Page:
Like many other readers, I was eagerly awaiting the sequel to Wolf Hall, and, overall, Mantel does not disappoint. Here, she again covers familiar ground, Henry VIII's dislluisionment with his second wife, Anne Boleyn, due in part to her strident and flirtatious personality, but more to the fact that she hasn't rapidly produced a male heir. The story is told again from the point of view of Thomas Cromwell, who is charged for the second time with the task of discovering a way to cast off an unwanted queen. Cromwell appears to be an ambitious man who (like so many Nazi officers claimed) is just following orders; but there is an undercurrent of revenge towards the men he brings down along with Anne. Mantel gives him an imagined inner life that balances the cold, calculating politican against a man who has survived both hardship and tragedy. Not without heart, her Cromwell nevertheless has the ability, when necessary, to turn that heart into stone.Mantel brings in a number of details that I either was not aware of or had forgotten, such as the irony that Henry's marriage to Anne was annulled for the same reason as his marriage to Katherine, prior sexual relations with a sibling (in this case, Henry's affair with Mary Boleyn). And she successfully ties in to the events of Wolf Hall through memories, as in the recurrent appearance of the peacock wings worn by his deceased daughter Grace in a Christmas pageant. Again, the writing is at times almost lyrical--another way of humanizing the man whose own son says that he looks like a murderer.Two responses to repeated comments by other reviewers: first, on the insertions of "he, Cromwell" as a supposed attempt to answer criticism of the sometimes confusing use of simply "he" in Wolf Hall. Overall, I found this less helpful than it was disruptive. It was often unnecessary, and the repetition grew irksome; it was as if I was being reminded that I was a poor, confused reader who probably couldn't figure out for myself who was speaking or being spoken about. I would rather be a little confused on occasion than frequently irritated. Second, I don't agree with those who feel that Bring Up the Bodies is far superior to Wolf Hall. It's an excellent book with a tighter frame of action, but overall, I'd give the first novel in the trilogy an extra half star.Like everyone else, I'll be eagerly awaiting the third installment in this awesome series.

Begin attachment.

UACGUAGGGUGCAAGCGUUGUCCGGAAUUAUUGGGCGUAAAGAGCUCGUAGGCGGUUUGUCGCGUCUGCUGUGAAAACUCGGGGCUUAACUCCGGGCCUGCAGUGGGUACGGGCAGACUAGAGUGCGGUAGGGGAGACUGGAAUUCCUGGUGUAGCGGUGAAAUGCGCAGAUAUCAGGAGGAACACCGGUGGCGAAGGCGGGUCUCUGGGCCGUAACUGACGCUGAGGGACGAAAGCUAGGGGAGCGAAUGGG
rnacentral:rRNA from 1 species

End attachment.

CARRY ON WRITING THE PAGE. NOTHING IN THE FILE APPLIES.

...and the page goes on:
This is the second in the Wolf Hall trilogy and even better. I think Mantel must have paid attention to the number one criticism of Wolf Hall, the ambiguous pronoun. In this book she frequently says he, Cromwell says or does such and such. It's much easier to follow, but ol' Cromwell is getting kind of creepy. Being his friend is certainly much safer than being his enemy, and apparently he held a grudge for a very long time. Anne Boleyn, that often romantic heroine, comes off as quite the petulant schemer; but the detailed description of her execution, in spite of the harsh way she is portrayed, is gut wrenching.Royalty, all in all, is seen to be much like the Mafia - its friends profit wildly, but friendship is fickle and falling out of favor dangerous. Since I hear this is planned only as a trilogy, and since we are on just wife number 3 of 8, I'm thinking the all powerful and vengeful Cromwell is going to be one of those unfortunates out of favor in the final book. Ow, it will be hard to read that.
I did not get a chance to read Wolf Hall, and this book is the second in the series. However saying that, I had no problem following the story or getting engrossed in it. As long as you know of the history of Henry VIII, Anne Boleyn and Thomas Cromwell, you will be able to read this book without having to read Wolf Hall first. I will be getting Wolf Hall based on my experience with this one.This was a great book from start to finish. I personally loved how it was from the eyes of Cromwell. Most historical fiction novels based on this time period are almost always through the eyes of Anne Boleyn, her sister or even Henry VIII himself. However, I haven't seen many through Crmowell's eyes. I loved this perspective and it allowed the writer greater freedom than the would have had otherwise. This is absolutely a fiction novel about the downfall of Anne Boleyn and the rise of Henry's third wife, Jane Seymour. From the beginning the reader is brought into this world. I could hardly put this book down.I definitely recommend this book to anyone who is looking for a good fiction novel. Historical fiction lovers will enjoy this book as well as people who don't really know the first thing about Anne Boleyn or Thomas Cromwell. However, I would suggest reading Wolf Hall first, but it is not required as in other series where the reader would be utterly lost if they didn't read the books in sequence.